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Stealth Democracy

Author: John R. Hibbing
Publisher: Cambridge University Press
ISBN: 9780521009867
Size: 11.34 MB
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Examining how people want their democratic government to work, this study finds that Americans don't like many of the practices associated with democracy: the conflicts, the debates, the compromises. It finds that Americans don't want to have to see democracy in practice, nor do they want to be involved in politics. If American citizens had their way, political decisions would be made by unselfish decision-makers, lessening the need for monitoring government.

Personality And The Foundations Of Political Behavior

Author: Jeffery J. Mondak
Publisher: Cambridge University Press
ISBN: 0521140951
Size: 44.33 MB
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"When virtually all of his colleagues were still treating individual-level political traits as isolated phenomena, Jeffery Mondak realized they were in fact intimately connected to larger life forces such as broad personality traits. This original and remarkably creative book makes it clear that the future of research on personality and politics lies not in shallow, speculative Freudian case studies but in objective, rigorous, large-N analyses. Research at the nexus of personality and politics is starting to gain momentum, thanks largely to Mondak's leadership, and if this book does not significantly enhance that momentum by providing an empirical framework and by stimulating numerous new data-based studies, I will be both surprised and bitterly disappointed."---John R. Hibbing, University of Nebraska-Lincoln "Mondak argues persuasively that traits shape political behavior. He provides an accurate and balanced account of recent progress in personality research and illustrates its application in his own work. This book - which should be read by sociologists, historians, and journalists as well as political scientists-is an important step in the integration of the social sciences."---Robert McCrae, author of Personality in Adulthood: A Five-Factor Theory Perspective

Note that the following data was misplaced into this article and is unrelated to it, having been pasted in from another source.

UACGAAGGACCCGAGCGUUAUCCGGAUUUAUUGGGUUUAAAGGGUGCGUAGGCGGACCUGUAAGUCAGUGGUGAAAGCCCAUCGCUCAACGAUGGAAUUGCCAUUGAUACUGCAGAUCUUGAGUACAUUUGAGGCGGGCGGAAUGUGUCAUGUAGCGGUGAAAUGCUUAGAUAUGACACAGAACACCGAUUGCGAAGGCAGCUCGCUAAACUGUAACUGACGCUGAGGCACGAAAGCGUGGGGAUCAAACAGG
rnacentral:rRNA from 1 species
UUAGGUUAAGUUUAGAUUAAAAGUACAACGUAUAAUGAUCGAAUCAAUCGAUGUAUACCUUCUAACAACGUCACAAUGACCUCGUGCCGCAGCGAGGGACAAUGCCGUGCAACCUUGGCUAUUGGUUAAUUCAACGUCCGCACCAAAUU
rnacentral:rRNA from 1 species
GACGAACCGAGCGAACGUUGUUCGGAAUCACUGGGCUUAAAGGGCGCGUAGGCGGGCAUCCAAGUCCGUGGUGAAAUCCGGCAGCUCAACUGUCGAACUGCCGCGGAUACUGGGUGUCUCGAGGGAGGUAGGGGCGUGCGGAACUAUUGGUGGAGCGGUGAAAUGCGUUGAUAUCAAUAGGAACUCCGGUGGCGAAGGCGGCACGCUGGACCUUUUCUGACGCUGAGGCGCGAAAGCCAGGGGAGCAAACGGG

The Legitimacy Puzzle In Latin America

Author: John A. Booth
Publisher: Cambridge University Press
ISBN: 0521515890
Size: 38.54 MB
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This book examines citizens' attitudes toward the legitimacy of their political systems and the relationship between political legitimacy and democratic stability.

With Malice Toward Some

Author: George E. Marcus
Publisher: Cambridge University Press
ISBN: 9780521439978
Size: 75.53 MB
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With Malice toward Some: How People Make Civil Liberties Judgments addresses an issue integral to democratic societies: how people faced with a complex variety of considerations decide whether or not to tolerate extremist groups. Relying on several survey-experiments, Marcus, Sullivan, Theiss-Morse, and Wood identify and compare the impact on decision making of contemporary information, long-standing predispositions, and enduring values and beliefs. Citizens react most strongly to information about a group's violations of behavioral norms and information about the implications for democracy of the group's actions. The authors conclude that democratic citizens should have a strong baseline of tolerance yet be attentive to and thoughtful about current information.

The Rhetorical Pursuit Of Political Advantage

Author: Scott Michael Welsh
Size: 31.25 MB
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This dissertation explores the relationship between rhetoric and democracy. More specifically, it examines the theoretical demeaning of the rhetorical pursuit of political advantage that pervades normative theories of public deliberation in democracy, including both liberal and discourse theories. The main argument of the dissertation is that such theories wrongly oppose the idea of authentically democratic speech to strategic, tactical, or rhetorical modes of address. In contrast with the aversion to rhetoric found in normative theories of public deliberation, particularly those variously inspired by John Rawls and Jurgen Habermas, I advance an argument for an essential and productive relationship between rhetoric and democracy as suggested by Kenneth Burke and Michel de Certeau. Since currently marginalized citizens must, by necessity, deploy hegemonic discourses strategically in pursuit of a measure of political power or representation, theories of public deliberation in democracy that deny the general democratic legitimacy of the rhetorical pursuit of political advantage ideologically undermine democratic challengers. Instead of encouraging citizens to seriously attend to, and value, the essential democratic struggle for political advantage, prominent theories of public deliberation in democracy denigrate it. While the rhetorical pursuit of political advantage is susceptible to anti-democratic excesses, particularly of the sort that jeopardize peaceful association and truthful politics, theorists and citizens should not imagine an end to such excesses in visions of understanding or justification-oriented communication, but should look instead to effective counter-rhetorics. Peaceful association and epistemically accountable political speech should be regarded as situated, rhetorical-political achievements against the aims of the militant and the deceptive. Hence, this dissertation recommends that, rather than opposing democracy to rhetorical politics, citizens and theorists alike should recognize democracy in the broad proliferation of an effective ability, among diversely motivated people and groups, to win a share of political power rhetorically.